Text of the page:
2. There is no easier way to backup and reset/restore a phone than doing so from a backup from Google (it is Android, after all, so the backups are there in your Google account)
3. If this concerns you, you should hide in a lead-lined bunker, watching hacked-into-CCTV feeds of the cameras-watching-cameras and get a Blackphone from Silent Circle, use F-Droid or some other sketchy Android app market, and delete your Google account.
No Micro-SD slot. I’ll pass
With 128GB of included storage and the almost-ubiquitous availability of cloud-based storage (Google Drive, Box, DropBox, OneDrive), what purpose do you actually find for SD Card slots? I am using an iPhone SE (temporarily) that has only 32GB of storage. I have two kids and take pictures and videos almost daily… I have yet to find myself in a position in which I have thought “I wish I had a slot to put some slow storage medium in, that is small enough I could lose it in handful of M&Ms and store my precious memories on it!”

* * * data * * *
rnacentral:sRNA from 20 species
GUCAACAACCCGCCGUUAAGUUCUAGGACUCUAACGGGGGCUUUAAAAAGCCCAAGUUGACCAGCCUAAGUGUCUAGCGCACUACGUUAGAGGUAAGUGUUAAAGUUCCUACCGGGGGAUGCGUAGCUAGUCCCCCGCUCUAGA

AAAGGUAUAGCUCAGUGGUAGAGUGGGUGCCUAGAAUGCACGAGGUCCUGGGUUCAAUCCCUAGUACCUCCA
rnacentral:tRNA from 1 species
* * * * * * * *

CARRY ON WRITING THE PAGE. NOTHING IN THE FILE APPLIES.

Micro-SD as an argument for or against a mobile device is dead.
not really I like to keep a few movies, podcasts,and some comics on the SD card just in case I run into any issues with coverage, and I refuse to pay for cellphone service with the advent of services like FreedomPop especially with all the tiny print associated with the plans… I have offline GPS maps…
I’ll agree it’s less necessary, but it makes for easier, faster setup of a new phone if you can transfer your photos and music just by moving a card to a new device. And if your phone dies for some reason, you don’t lose the photos you took (assuming you don’t automatically upload those to the cloud). Mainly it’s useful for music.
Not trying to insult anyone, but hear me out…